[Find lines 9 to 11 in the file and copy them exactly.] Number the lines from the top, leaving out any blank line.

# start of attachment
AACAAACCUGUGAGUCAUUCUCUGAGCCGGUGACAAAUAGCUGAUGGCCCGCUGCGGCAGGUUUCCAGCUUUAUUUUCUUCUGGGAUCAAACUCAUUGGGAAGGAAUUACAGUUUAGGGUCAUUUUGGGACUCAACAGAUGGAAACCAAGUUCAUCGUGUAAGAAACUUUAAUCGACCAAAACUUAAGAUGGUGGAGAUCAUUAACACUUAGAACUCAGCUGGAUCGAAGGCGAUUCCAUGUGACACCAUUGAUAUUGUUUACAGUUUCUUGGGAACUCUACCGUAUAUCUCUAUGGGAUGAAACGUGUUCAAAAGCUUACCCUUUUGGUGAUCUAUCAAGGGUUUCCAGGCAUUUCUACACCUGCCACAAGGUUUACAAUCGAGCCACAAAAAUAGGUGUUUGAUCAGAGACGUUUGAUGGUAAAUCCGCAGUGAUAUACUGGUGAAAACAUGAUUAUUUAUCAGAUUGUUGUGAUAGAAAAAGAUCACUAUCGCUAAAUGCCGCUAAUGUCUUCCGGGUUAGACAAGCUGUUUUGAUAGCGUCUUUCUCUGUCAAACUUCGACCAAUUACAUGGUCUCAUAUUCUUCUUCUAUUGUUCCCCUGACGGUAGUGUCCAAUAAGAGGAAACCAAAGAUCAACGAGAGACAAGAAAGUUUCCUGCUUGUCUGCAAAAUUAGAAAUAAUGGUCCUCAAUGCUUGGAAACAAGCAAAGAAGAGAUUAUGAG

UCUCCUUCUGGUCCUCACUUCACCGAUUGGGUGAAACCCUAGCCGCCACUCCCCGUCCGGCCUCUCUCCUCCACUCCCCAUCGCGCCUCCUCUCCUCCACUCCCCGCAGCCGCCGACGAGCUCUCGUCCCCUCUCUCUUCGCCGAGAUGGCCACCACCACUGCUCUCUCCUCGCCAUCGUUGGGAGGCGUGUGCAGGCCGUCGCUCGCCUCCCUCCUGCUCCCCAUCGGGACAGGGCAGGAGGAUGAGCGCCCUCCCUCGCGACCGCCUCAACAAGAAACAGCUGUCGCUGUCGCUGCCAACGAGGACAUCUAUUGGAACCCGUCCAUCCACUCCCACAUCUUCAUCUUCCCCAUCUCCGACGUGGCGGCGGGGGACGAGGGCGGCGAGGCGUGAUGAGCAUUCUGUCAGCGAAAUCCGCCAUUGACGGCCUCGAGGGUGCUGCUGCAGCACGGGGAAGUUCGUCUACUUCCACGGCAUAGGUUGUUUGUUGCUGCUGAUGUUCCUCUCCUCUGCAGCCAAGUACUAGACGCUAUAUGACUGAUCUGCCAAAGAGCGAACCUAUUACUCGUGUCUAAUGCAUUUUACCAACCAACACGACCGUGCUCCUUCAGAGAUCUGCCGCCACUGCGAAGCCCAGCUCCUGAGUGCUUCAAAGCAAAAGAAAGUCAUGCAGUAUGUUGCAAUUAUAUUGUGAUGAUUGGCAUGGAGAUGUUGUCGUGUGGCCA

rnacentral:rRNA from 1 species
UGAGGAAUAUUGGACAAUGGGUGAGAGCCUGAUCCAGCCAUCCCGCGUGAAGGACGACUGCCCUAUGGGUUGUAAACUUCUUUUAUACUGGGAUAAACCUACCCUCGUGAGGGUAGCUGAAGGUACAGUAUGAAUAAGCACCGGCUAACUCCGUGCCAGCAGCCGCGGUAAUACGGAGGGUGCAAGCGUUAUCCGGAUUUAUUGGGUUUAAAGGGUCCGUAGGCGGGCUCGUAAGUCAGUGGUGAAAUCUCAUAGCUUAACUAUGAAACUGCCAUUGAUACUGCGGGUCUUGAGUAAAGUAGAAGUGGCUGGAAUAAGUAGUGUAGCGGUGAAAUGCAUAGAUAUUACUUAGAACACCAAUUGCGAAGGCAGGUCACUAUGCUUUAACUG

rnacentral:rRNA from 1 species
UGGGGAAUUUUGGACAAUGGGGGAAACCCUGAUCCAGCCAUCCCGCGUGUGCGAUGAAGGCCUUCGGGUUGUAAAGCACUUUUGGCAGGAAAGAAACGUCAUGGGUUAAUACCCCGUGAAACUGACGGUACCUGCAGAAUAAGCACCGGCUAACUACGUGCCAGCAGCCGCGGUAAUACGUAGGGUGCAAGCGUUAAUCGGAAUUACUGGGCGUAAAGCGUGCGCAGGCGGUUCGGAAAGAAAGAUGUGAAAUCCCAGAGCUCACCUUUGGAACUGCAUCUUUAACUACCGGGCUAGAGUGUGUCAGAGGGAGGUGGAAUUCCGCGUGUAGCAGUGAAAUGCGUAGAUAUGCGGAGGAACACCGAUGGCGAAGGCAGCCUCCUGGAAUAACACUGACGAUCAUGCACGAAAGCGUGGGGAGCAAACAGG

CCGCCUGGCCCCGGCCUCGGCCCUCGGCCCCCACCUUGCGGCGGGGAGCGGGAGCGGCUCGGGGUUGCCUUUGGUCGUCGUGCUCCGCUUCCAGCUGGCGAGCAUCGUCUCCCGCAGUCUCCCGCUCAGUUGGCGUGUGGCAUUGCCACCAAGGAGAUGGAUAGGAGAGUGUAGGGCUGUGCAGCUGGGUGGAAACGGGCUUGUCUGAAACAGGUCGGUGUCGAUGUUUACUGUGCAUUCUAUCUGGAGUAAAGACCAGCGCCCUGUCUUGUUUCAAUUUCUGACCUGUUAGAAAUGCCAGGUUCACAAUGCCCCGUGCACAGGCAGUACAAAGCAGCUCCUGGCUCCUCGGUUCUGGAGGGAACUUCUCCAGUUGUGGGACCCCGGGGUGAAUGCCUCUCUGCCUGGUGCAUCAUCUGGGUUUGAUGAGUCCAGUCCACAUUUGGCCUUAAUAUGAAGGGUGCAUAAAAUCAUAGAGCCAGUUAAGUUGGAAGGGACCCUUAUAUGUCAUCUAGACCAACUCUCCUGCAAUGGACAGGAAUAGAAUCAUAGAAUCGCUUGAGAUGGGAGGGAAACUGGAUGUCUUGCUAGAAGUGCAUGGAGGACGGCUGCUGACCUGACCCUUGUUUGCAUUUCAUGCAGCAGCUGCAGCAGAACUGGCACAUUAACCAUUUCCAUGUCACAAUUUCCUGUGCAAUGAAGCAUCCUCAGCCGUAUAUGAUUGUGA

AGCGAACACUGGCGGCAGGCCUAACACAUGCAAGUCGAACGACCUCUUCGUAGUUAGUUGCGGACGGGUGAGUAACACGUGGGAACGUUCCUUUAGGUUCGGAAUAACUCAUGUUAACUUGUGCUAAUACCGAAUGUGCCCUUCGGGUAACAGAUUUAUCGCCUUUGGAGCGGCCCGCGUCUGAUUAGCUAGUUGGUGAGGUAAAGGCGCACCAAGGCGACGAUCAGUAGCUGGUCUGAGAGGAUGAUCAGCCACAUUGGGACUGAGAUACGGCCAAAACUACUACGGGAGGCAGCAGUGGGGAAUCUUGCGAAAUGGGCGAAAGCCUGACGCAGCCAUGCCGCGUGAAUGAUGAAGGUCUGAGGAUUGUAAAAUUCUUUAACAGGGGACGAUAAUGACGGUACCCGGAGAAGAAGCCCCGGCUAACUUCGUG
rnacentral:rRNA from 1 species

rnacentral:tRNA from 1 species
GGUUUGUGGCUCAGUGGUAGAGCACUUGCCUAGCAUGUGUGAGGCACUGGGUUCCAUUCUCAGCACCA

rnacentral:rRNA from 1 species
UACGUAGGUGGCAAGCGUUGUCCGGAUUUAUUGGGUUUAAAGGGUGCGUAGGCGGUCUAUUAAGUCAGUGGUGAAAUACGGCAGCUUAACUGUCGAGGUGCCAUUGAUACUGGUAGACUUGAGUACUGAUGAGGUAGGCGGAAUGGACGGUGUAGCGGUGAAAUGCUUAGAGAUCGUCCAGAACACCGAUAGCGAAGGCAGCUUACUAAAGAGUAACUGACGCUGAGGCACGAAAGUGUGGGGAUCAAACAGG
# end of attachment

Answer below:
rnacentral:rRNA from 1 species

rnacentral:tRNA from 1 species
GGUUUGUGGCUCAGUGGUAGAGCACUUGCCUAGCAUGUGUGAGGCACUGGGUUCCAUUCUCAGCACCA